“I would die for my child, ”a well-known, often said sacrificial statement. I didn’t really know how my fierce love for my child would manifest until the first time she was extremely upset, and I didn’t know why. 

Readers, I would have cut off a finger to console my baby. 

I would die to protect her. 

Both are strong, love-filled sentiments. And both, God willing, are unnecessary. 

But there’s a daunting task that is absolutely necessary. At times it needs to be a conscious decision. Sometimes it’ll require taking care of yourself so you can better care for your child. Sometimes, for some, it will literally seem harder to do than to die for your child. 

It’s living for your child. 

Postpartum depression can sneak up on anyone, and I’ve heard heartbreaking stories of just how deeply it affects moms. Good moms. Awesome moms.

RELATED: I Have Anxiety and Depression—and I’m a Good Mom

It’s too early to tell for me, but unfortunately, I have almost every risk factor there is. But I also have a rocking support system and wonderful physicians looking out for me. 

Whether it’s PPD or your normal, garden-variety depression, I hope my daughter knows someday that it’s nothing to be ashamed of, and that she, her daddy, our extended family, the life God has graciously given to methese are all reasons to live and live well. 

I never want my child to go through life wondering why I left and why she and her dad weren’t enough for me. I can’t ever succumb to the depression that often looms because this is where God has placed me, and there’s a tiny person who needs me. 

I need to be here for all the scraped knees, all the bike rides and swings, all the new foods, and doctor’s visits. Lord willing, I’ll be there for every first day of school and every night of homework. 

As much as it depends on me, I will do everything I can to live for my child as well as I can.

I’ll take breaks when I need to, do my devotions, pray, go to church, and set an example for my daughter in spiritual disciplines. I won’t be perfect, but I’ll be here, as present as I can be, for as long as I can be. 

And someday, when the time is right, she’ll learn about depression and the effects it has on me. But hopefully, by then, she’ll also know what an absolute joy she is in my life and how committed I am to staying as long as I can for her.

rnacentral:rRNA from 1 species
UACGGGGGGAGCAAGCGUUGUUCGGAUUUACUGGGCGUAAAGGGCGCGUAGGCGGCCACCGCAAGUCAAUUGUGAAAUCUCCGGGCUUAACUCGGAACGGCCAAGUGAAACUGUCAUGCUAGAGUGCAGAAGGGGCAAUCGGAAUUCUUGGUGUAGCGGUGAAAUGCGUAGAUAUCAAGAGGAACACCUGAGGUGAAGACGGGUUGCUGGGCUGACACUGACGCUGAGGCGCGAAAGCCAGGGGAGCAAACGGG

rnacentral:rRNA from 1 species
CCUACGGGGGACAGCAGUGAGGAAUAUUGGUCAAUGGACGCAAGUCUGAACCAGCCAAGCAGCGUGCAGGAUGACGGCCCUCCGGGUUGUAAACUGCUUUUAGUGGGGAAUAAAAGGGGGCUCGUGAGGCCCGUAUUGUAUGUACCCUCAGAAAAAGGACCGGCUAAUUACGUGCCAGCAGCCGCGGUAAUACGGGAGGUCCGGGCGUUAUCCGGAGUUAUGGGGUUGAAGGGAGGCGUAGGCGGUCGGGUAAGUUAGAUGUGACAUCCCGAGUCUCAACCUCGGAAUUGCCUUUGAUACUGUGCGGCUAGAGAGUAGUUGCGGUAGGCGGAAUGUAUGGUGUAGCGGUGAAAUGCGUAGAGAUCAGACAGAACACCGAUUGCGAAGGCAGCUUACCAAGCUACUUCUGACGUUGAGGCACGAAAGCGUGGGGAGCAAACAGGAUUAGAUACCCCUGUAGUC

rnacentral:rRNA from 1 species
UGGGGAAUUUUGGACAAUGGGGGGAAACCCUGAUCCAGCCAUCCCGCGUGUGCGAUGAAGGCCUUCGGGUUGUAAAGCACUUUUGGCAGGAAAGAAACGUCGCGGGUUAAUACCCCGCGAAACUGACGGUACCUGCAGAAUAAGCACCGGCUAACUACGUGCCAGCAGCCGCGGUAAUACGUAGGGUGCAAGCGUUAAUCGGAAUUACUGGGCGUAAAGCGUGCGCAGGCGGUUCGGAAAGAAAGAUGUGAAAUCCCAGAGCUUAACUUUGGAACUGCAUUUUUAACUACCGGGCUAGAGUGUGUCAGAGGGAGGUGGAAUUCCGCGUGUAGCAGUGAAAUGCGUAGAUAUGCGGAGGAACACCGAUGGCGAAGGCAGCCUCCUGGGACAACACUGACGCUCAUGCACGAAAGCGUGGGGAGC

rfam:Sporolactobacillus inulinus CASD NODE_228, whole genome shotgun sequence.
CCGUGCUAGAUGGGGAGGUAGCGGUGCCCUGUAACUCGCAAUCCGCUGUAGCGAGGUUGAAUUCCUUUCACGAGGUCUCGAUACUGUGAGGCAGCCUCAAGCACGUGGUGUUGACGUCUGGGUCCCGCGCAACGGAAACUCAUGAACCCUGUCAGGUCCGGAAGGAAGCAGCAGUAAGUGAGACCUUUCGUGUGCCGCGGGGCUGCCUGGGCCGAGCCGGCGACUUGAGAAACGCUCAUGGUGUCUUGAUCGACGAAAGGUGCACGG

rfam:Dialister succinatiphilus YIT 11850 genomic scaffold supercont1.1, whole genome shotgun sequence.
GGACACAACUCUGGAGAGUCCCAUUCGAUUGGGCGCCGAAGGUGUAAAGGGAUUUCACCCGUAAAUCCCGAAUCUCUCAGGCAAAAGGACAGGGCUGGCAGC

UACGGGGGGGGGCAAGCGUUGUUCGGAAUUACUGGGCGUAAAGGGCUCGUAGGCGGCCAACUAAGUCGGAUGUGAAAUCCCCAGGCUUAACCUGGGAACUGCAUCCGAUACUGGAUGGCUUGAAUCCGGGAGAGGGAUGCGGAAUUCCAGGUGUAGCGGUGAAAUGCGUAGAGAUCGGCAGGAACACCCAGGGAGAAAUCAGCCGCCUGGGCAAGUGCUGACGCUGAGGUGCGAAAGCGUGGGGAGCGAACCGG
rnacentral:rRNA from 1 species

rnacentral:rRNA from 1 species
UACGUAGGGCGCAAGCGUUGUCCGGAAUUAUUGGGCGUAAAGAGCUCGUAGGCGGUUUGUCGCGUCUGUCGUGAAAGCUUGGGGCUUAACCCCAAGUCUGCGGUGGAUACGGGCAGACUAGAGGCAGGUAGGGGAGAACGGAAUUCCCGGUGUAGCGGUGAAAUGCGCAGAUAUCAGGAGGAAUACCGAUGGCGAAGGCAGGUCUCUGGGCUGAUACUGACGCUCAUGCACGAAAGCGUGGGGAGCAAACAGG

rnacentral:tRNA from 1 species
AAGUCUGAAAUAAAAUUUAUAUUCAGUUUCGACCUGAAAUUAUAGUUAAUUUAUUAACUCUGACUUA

I may never have to throw myself in front of a car to save my child, but I take my medicine daily. This helps me live for my child.

RELATED: I Made PB&J Sandwiches, Then Got in the Car to Die

I may never have to surrender a limb to make my child comfortable, but I open up to other new and experienced moms, and I try hard not to isolate myself from fellowship because this helps me live for my child. 

I eat as well as I can, I get as much sleep as I can, and I make time to sit down with my husband and share a dessert and just talk.

Taking care of myself and making time to work on my marriage helps me live for my child. 

I love her (and her dad) too much not to do whatever I can to mitigate the depression and hopelessness and desperate thoughts that I’m already no stranger to. 

I can say I would die for my child until I’m blue in the face. But that means little if I’m not making the decisions and taking the steps that I am called to. 

I will probably never be called to die for my child. But I am called to live for her. To daily make the decisions that help me be a good steward of my mental health so I can be a good steward of this tiny little life my husband and I are called to raise. 

I would die for my child. 

But I will live for her. 

Originally published on the author’s blog

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Shannon Stafford

Shannon is passionate about disability, mental health, and homemaking, and has been writing in some form or another for most of her life. She lives with her husband, tiny human, and Margaret, the dog, in western Pennsylvania.

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